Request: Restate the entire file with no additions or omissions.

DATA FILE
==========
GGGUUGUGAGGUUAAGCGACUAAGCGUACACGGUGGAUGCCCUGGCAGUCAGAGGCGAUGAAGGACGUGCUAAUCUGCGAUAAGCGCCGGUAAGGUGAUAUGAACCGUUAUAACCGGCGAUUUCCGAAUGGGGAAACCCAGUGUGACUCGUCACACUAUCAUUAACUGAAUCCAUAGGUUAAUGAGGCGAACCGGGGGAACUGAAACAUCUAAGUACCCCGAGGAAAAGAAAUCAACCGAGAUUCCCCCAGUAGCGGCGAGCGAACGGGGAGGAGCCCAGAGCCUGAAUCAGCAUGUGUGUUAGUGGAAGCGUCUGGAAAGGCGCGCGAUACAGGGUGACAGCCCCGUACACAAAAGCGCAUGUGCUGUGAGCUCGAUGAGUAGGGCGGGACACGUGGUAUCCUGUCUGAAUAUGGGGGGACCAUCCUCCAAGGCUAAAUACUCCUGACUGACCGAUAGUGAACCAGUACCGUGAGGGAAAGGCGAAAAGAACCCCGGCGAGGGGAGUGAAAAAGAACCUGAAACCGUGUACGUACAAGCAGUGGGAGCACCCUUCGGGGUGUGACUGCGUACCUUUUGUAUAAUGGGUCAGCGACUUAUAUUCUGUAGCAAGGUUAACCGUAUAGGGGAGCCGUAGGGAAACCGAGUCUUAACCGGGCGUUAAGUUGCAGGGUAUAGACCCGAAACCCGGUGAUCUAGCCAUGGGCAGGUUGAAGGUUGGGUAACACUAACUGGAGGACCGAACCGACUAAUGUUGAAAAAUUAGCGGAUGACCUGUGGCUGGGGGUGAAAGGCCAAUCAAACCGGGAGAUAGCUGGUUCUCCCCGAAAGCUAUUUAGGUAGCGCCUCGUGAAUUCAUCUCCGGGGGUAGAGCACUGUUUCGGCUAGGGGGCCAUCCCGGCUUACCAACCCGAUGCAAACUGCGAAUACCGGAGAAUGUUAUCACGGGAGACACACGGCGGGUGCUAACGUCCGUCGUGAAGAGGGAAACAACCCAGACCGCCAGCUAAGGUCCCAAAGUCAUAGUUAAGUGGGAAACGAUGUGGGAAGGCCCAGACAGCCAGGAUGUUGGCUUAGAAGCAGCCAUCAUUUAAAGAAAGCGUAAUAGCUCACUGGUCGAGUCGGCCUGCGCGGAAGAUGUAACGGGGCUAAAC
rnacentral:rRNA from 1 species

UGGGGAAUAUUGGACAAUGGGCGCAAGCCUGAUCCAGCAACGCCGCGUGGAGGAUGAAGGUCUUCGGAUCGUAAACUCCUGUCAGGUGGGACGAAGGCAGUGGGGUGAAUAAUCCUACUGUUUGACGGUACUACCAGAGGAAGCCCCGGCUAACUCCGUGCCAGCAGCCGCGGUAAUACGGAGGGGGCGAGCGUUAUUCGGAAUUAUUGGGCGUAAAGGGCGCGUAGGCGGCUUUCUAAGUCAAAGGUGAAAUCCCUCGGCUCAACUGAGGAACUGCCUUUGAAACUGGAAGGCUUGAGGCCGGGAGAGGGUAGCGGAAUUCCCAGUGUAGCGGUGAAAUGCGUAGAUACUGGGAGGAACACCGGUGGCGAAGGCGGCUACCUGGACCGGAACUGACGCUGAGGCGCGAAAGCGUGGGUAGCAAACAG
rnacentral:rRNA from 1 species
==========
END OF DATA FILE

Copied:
GGGUUGUGAGGUUAAGCGACUAAGCGUACACGGUGGAUGCCCUGGCAGUCAGAGGCGAUGAAGGACGUGCUAAUCUGCGAUAAGCGCCGGUAAGGUGAUAUGAACCGUUAUAACCGGCGAUUUCCGAAUGGGGAAACCCAGUGUGACUCGUCACACUAUCAUUAACUGAAUCCAUAGGUUAAUGAGGCGAACCGGGGGAACUGAAACAUCUAAGUACCCCGAGGAAAAGAAAUCAACCGAGAUUCCCCCAGUAGCGGCGAGCGAACGGGGAGGAGCCCAGAGCCUGAAUCAGCAUGUGUGUUAGUGGAAGCGUCUGGAAAGGCGCGCGAUACAGGGUGACAGCCCCGUACACAAAAGCGCAUGUGCUGUGAGCUCGAUGAGUAGGGCGGGACACGUGGUAUCCUGUCUGAAUAUGGGGGGACCAUCCUCCAAGGCUAAAUACUCCUGACUGACCGAUAGUGAACCAGUACCGUGAGGGAAAGGCGAAAAGAACCCCGGCGAGGGGAGUGAAAAAGAACCUGAAACCGUGUACGUACAAGCAGUGGGAGCACCCUUCGGGGUGUGACUGCGUACCUUUUGUAUAAUGGGUCAGCGACUUAUAUUCUGUAGCAAGGUUAACCGUAUAGGGGAGCCGUAGGGAAACCGAGUCUUAACCGGGCGUUAAGUUGCAGGGUAUAGACCCGAAACCCGGUGAUCUAGCCAUGGGCAGGUUGAAGGUUGGGUAACACUAACUGGAGGACCGAACCGACUAAUGUUGAAAAAUUAGCGGAUGACCUGUGGCUGGGGGUGAAAGGCCAAUCAAACCGGGAGAUAGCUGGUUCUCCCCGAAAGCUAUUUAGGUAGCGCCUCGUGAAUUCAUCUCCGGGGGUAGAGCACUGUUUCGGCUAGGGGGCCAUCCCGGCUUACCAACCCGAUGCAAACUGCGAAUACCGGAGAAUGUUAUCACGGGAGACACACGGCGGGUGCUAACGUCCGUCGUGAAGAGGGAAACAACCCAGACCGCCAGCUAAGGUCCCAAAGUCAUAGUUAAGUGGGAAACGAUGUGGGAAGGCCCAGACAGCCAGGAUGUUGGCUUAGAAGCAGCCAUCAUUUAAAGAAAGCGUAAUAGCUCACUGGUCGAGUCGGCCUGCGCGGAAGAUGUAACGGGGCUAAAC
rnacentral:rRNA from 1 species

UGGGGAAUAUUGGACAAUGGGCGCAAGCCUGAUCCAGCAACGCCGCGUGGAGGAUGAAGGUCUUCGGAUCGUAAACUCCUGUCAGGUGGGACGAAGGCAGUGGGGUGAAUAAUCCUACUGUUUGACGGUACUACCAGAGGAAGCCCCGGCUAACUCCGUGCCAGCAGCCGCGGUAAUACGGAGGGGGCGAGCGUUAUUCGGAAUUAUUGGGCGUAAAGGGCGCGUAGGCGGCUUUCUAAGUCAAAGGUGAAAUCCCUCGGCUCAACUGAGGAACUGCCUUUGAAACUGGAAGGCUUGAGGCCGGGAGAGGGUAGCGGAAUUCCCAGUGUAGCGGUGAAAUGCGUAGAUACUGGGAGGAACACCGGUGGCGAAGGCGGCUACCUGGACCGGAACUGACGCUGAGGCGCGAAAGCGUGGGUAGCAAACAG
rnacentral:rRNA from 1 species